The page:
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Custom High Myopia Panel

Custom High Myopia Panel

What is high myopia?

Myopia is one of the ophthalmological problems that currently plagues many people. It is often difficult for myopia individuals to see distant objects. This is because the eyes pay attention to close-up things for a long time, causing the focused muscles in the eyes to remain in focus, and the eyes cannot focus properly. It is clinically considered that the degree of eye is above 600 degrees for high myopia, with the pathological change that the refractive index of the myopic axis is prolonged. High myopia may cause eye diseases such as retinal detachment, cataract and glaucoma. Causes of high myopia may include genetic and environmental factors. Between them, the influence of genetic factors can not be underestimated, and its interaction with environmental factors may lead to high myopia which has a certain genetic susceptibility.

Disease-related gene description

TGF-β and its receptor are expressed in ocular tissues. TGF-β stimulates the proliferation of chondrocytes and sclera into fibroblasts and participates in the regulation of scleral remodeling. LRPAP1 gene is located on chromosome 4p16.3. Proteins encoded by LRPAP1 can affect the activity of TGF-β, which may further lead to high myopia by affecting scleral remodeling. SLC39A5 gene is located on chromosome 12q13.3, and the encoded protein regulates zinc ion transport in the eye, which may affect the development of the eye and collagen synthesis by inducing TGF-β/BMP-Smad signaling pathway to induce high myopia. SCO2 gene is located on chromosome 22q13.33, and its encoded protein has an effect on the copper homeostasis protein in cytochrome c oxidase activity. The deficiency of copper is related to the loss of photoreceptor and the myopia caused by increased elasticity of the scleral wall. It has been reported that SCO2 mutations are associated with thinning of the retina. PRIMPOL gene encodes a primate polymerase that has been reported to be a myopic-associated gene. The mutation of tyrosine 89 to aspartic acid in PRIMPOL causes a decrease in enzyme activity, which affects DNA replication and may cause high myopia. In addition, genes such as ZNF644, IGF-1, GRM6 and CTNND2 have been reported to have a potential relationship with high myopia.

To better understand these genetic mutations and the production of high myopia, our platform provides a comprehensive and accurate custom high myopia panel through target DNA sequencing by the Illumina MiSeq or Ion PGM system, from which you can select genes to detect high myopia.

Custom high myopia panel offers but are not limited to:

  • DNA sequencing by the IlluminaMiSeq or Ion PGM system makes our detection fast, sensitive and reliable.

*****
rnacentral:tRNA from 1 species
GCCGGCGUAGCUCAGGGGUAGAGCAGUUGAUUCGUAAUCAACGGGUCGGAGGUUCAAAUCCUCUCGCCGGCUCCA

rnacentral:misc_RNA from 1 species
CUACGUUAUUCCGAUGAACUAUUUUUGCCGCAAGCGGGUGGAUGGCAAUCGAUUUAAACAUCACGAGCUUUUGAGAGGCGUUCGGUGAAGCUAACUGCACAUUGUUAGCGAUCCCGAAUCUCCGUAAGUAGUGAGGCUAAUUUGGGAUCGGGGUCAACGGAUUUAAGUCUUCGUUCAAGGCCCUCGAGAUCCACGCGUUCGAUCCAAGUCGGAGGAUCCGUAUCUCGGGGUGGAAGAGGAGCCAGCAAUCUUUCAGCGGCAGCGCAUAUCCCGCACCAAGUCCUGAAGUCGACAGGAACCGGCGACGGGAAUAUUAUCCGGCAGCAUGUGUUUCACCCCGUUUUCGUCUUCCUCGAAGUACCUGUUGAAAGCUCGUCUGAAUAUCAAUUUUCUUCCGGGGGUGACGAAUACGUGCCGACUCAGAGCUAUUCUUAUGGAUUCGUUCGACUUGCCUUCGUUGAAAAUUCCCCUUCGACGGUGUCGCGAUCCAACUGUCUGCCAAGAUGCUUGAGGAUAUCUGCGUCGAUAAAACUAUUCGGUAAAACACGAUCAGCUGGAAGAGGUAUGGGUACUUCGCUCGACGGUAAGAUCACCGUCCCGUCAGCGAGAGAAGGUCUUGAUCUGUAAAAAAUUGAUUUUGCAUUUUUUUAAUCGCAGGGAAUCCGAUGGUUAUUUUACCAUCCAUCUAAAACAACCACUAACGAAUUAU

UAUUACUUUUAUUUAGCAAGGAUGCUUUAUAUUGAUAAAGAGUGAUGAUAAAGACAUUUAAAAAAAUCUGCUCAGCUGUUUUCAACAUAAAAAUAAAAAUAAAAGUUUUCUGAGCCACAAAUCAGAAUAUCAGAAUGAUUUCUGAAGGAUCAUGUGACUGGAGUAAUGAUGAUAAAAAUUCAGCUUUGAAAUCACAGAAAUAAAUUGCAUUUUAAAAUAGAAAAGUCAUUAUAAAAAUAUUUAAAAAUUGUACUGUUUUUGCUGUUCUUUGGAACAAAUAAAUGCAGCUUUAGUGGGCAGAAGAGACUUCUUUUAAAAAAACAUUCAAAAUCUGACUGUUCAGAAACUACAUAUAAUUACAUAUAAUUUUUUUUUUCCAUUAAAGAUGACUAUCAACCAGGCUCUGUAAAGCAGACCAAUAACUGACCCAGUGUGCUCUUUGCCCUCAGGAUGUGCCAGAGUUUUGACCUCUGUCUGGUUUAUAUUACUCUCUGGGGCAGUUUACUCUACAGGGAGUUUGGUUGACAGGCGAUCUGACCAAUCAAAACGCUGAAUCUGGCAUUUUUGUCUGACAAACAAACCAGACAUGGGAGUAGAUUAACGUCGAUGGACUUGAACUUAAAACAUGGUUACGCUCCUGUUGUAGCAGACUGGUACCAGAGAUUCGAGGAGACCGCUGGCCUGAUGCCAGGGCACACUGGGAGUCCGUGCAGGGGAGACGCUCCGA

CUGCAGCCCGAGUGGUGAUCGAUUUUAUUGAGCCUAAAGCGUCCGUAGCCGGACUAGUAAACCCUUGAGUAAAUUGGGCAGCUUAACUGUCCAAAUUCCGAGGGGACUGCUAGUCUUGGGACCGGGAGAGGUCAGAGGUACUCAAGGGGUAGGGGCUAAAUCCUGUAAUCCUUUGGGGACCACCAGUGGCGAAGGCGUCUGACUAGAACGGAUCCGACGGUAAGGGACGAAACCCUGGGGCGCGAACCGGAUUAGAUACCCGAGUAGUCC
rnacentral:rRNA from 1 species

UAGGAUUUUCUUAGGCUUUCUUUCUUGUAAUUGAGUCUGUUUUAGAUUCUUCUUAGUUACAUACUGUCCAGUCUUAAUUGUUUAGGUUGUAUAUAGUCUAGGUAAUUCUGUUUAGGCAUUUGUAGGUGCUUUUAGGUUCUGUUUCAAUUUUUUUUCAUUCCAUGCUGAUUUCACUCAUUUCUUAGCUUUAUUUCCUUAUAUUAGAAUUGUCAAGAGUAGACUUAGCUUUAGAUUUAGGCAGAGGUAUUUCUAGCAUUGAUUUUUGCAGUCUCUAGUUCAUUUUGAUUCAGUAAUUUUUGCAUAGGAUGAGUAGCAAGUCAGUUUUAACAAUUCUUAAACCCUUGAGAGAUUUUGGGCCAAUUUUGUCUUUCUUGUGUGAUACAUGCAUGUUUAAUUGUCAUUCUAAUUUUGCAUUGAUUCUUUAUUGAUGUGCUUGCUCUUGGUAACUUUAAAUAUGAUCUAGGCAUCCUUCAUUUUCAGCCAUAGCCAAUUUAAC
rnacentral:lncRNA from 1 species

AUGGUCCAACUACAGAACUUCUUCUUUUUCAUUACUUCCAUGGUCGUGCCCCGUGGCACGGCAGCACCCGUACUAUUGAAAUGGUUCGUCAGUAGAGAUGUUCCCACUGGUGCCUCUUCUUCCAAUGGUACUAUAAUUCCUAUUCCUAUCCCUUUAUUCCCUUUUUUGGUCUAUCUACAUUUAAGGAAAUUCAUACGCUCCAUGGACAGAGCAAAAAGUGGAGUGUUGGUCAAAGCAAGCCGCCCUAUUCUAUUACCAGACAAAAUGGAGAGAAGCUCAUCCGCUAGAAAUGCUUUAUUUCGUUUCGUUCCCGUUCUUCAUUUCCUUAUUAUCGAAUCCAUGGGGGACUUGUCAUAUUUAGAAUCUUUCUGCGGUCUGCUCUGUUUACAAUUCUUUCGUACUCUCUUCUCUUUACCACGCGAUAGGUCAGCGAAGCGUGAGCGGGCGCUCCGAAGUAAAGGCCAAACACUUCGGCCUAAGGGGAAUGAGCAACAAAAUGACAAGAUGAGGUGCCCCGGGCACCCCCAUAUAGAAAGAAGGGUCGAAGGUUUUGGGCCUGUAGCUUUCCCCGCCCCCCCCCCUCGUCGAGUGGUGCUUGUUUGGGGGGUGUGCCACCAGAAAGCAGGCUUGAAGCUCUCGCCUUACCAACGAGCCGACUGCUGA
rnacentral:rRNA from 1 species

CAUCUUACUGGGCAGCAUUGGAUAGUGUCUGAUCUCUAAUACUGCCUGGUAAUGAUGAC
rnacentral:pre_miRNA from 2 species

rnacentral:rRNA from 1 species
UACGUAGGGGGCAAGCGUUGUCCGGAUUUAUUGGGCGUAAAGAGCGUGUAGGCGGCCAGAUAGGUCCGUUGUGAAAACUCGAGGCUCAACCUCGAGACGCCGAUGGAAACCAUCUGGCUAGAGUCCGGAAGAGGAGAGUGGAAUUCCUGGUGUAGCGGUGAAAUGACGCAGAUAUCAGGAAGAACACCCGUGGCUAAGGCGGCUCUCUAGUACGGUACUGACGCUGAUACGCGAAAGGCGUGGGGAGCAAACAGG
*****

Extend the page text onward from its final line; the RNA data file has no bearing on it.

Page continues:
• Rigorous experimental operation and quality control ensure the repeatability and accuracy of the sequencing results.
  • Develop your own high myopia panel to fully fit your research direction and save on experiment costs.
  • Professional researchers update the customized panel content in real time and keep up with the cutting edge of scientific research.
  • Professional analysts analyze the results of the experiment and submit comprehensive and effective experimental reports.

Choose the genes that suit you from the highly myopic gene list

COL11A1 COL11A2 COL2A1 CTNND2 GRM6
HGF IGF-1 LRPAP1 MP20 MYP1
MYP2 MYP3 MYP5 MYP11 MYP12
MYP13 MYP14 MYP15 MYP16 MYP18
MYP19 PRIMPOL SLC39A5 SCO2 ZNF644

Specimen requirements of our custom high myopia panel

  • Specimen: whole blood, saliva or extracted DNA (not FFPE-compatible).
  • Volume: 8 mL whole blood, 2 mL saliva or min. 1 μg DNA.
  • Collection: blood is collected by routine blood collection and saliva is collected by spitting into the provided container. DNA samples are stored in TE buffer or equivalent.
  • Container: lavender-top (EDTA) tube or yellow-top (ACD) tube.

Gene panel workflow

Gene panel workflow

For more information about the Custom High Myopia Panel or need other amplification requirements, please contact us.

References:

  1. Aldahmesh M A, et al. Mutations in LRPAP1 are associated with severe myopia in humans. American Journal of Human Genetics, 2013. 93(2): p. 313-320.
  2. Guo H, et al. Original article: SLC39A5 mutations interfering with the BMP/TGF-β pathway in non-syndromic high myopia. Journal of Medical Genetics, 2014. 51(8): p. 518-25.
  3. Khanh-Nhat T V, et al. Mutations in SCO2 are associated with autosomal-dominant high-grade myopia. American Journal of Human Genetics, 2013. 92(5): p. 820-826.
  4. Keen B A, et al. Human PrimPol mutation associated with high myopia has a DNA replication defect. Nucleic Acids Research, 2014. 42(19): p. 12102-12111.
  5. Wang H, et al. Association of ZNF644, GRM6, and CTNND2 genes with high myopia in the Han Chinese population: Jiangsu Eye Study. Eye, 2016. 30(7): p. 1017.
* For Research Use Only. Not for use in diagnostic procedures.

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